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China Will Phase Out EV Subsidies, Shift Toward Funding Tech R&D

Originally published on EV Obsession.

Following widespread reports of possible electric vehicle subsidy fraud in the country, the Chinese Finance Ministry announced back in January that it would not be extending electric vehicle subsidies beyond 2021. And that it also would begin slowly phasing them out with a 20% cut over the next 2 years, and a 40% cut between 2019 and 2020.

During a recent State Council meeting in the country, Premier Li Keqiang revealed his plan for the funding that would otherwise be going towards electric vehicle (EV) subsidies to be shifted towards technological research and development, and sales target incentives.

bmw-i3-china

In particular, the country’s policy-makers seem keen to support battery research and development — an area where the country is already a major player, but could potentially capture a much larger market share.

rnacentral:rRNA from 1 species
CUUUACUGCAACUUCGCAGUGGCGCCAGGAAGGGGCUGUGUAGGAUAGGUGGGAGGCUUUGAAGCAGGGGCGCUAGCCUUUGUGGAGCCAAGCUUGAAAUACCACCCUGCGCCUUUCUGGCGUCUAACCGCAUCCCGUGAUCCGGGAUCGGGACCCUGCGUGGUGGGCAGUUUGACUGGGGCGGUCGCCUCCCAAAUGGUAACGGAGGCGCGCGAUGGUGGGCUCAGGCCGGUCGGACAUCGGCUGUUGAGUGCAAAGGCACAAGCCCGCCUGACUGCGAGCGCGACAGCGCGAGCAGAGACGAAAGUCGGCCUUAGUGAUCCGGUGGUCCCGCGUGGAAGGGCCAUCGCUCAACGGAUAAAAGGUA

Green Car Reports provides more:

Chinese officials have long dreamed of the country becoming a leader in electric-car technology. And China has a natural advantage in its large deposits of rare earth metals, which are used in battery cells. But China’s domestic car industry isn’t as advanced as those of other countries; most large Chinese carmakers still operate under partnerships with foreign firms. Potentially helping the domestic industry is a proposal to encourage “public institutions” and transit fleets to adopt electric vehicles.

The speech from Premier Li also included a proposal to raise the public-institution fleet electric vehicle mandate to 50%, up from 30%. Such a move would of course, even just on its own, notably increase electric vehicle demand, given the enormous size and population of the country.

Reprinted with permission.

 
 
 
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Written By

James Ayre's background is predominantly in geopolitics and history, but he has an obsessive interest in pretty much everything. After an early life spent in the Imperial Free City of Dortmund, James followed the river Ruhr to Cofbuokheim, where he attended the University of Astnide. And where he also briefly considered entering the coal mining business. He currently writes for a living, on a broad variety of subjects, ranging from science, to politics, to military history, to renewable energy.

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